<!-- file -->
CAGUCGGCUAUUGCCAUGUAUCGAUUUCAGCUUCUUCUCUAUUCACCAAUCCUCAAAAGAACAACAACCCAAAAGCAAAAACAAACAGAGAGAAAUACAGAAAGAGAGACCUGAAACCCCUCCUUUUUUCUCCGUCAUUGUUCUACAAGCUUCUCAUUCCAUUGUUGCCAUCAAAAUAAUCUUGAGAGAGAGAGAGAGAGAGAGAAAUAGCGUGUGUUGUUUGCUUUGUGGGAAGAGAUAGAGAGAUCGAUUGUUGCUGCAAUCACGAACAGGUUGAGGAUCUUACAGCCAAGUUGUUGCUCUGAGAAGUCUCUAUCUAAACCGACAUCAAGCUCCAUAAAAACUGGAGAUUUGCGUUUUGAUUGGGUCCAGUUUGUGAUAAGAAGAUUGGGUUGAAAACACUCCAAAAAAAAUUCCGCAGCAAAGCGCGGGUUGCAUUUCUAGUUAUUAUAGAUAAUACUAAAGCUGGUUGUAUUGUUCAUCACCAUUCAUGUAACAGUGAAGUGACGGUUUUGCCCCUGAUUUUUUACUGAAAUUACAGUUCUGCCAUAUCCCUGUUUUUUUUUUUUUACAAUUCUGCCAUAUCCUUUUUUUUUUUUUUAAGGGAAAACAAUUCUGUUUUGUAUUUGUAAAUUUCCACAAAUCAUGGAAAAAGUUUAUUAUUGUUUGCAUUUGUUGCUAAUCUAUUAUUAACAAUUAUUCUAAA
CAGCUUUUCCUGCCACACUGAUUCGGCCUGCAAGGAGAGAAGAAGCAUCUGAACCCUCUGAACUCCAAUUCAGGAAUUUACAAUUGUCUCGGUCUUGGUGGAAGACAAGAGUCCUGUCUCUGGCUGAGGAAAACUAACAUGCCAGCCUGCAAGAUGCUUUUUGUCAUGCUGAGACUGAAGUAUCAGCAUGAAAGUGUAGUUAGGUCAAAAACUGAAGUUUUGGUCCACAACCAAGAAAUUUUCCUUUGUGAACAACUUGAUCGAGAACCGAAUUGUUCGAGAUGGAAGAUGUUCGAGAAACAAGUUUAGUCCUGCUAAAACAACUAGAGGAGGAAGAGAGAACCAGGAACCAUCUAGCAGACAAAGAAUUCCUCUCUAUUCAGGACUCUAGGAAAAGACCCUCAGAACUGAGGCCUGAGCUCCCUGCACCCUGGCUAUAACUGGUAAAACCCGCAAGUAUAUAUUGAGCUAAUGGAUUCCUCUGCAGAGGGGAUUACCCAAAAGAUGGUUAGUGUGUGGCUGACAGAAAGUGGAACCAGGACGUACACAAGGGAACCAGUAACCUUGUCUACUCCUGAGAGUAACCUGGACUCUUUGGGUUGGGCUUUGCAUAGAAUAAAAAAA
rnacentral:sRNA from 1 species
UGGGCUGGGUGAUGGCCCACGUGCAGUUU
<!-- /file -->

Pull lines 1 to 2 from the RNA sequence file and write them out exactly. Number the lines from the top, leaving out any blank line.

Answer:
CAGUCGGCUAUUGCCAUGUAUCGAUUUCAGCUUCUUCUCUAUUCACCAAUCCUCAAAAGAACAACAACCCAAAAGCAAAAACAAACAGAGAGAAAUACAGAAAGAGAGACCUGAAACCCCUCCUUUUUUCUCCGUCAUUGUUCUACAAGCUUCUCAUUCCAUUGUUGCCAUCAAAAUAAUCUUGAGAGAGAGAGAGAGAGAGAGAAAUAGCGUGUGUUGUUUGCUUUGUGGGAAGAGAUAGAGAGAUCGAUUGUUGCUGCAAUCACGAACAGGUUGAGGAUCUUACAGCCAAGUUGUUGCUCUGAGAAGUCUCUAUCUAAACCGACAUCAAGCUCCAUAAAAACUGGAGAUUUGCGUUUUGAUUGGGUCCAGUUUGUGAUAAGAAGAUUGGGUUGAAAACACUCCAAAAAAAAUUCCGCAGCAAAGCGCGGGUUGCAUUUCUAGUUAUUAUAGAUAAUACUAAAGCUGGUUGUAUUGUUCAUCACCAUUCAUGUAACAGUGAAGUGACGGUUUUGCCCCUGAUUUUUUACUGAAAUUACAGUUCUGCCAUAUCCCUGUUUUUUUUUUUUUACAAUUCUGCCAUAUCCUUUUUUUUUUUUUUAAGGGAAAACAAUUCUGUUUUGUAUUUGUAAAUUUCCACAAAUCAUGGAAAAAGUUUAUUAUUGUUUGCAUUUGUUGCUAAUCUAUUAUUAACAAUUAUUCUAAA
CAGCUUUUCCUGCCACACUGAUUCGGCCUGCAAGGAGAGAAGAAGCAUCUGAACCCUCUGAACUCCAAUUCAGGAAUUUACAAUUGUCUCGGUCUUGGUGGAAGACAAGAGUCCUGUCUCUGGCUGAGGAAAACUAACAUGCCAGCCUGCAAGAUGCUUUUUGUCAUGCUGAGACUGAAGUAUCAGCAUGAAAGUGUAGUUAGGUCAAAAACUGAAGUUUUGGUCCACAACCAAGAAAUUUUCCUUUGUGAACAACUUGAUCGAGAACCGAAUUGUUCGAGAUGGAAGAUGUUCGAGAAACAAGUUUAGUCCUGCUAAAACAACUAGAGGAGGAAGAGAGAACCAGGAACCAUCUAGCAGACAAAGAAUUCCUCUCUAUUCAGGACUCUAGGAAAAGACCCUCAGAACUGAGGCCUGAGCUCCCUGCACCCUGGCUAUAACUGGUAAAACCCGCAAGUAUAUAUUGAGCUAAUGGAUUCCUCUGCAGAGGGGAUUACCCAAAAGAUGGUUAGUGUGUGGCUGACAGAAAGUGGAACCAGGACGUACACAAGGGAACCAGUAACCUUGUCUACUCCUGAGAGUAACCUGGACUCUUUGGGUUGGGCUUUGCAUAGAAUAAAAAAA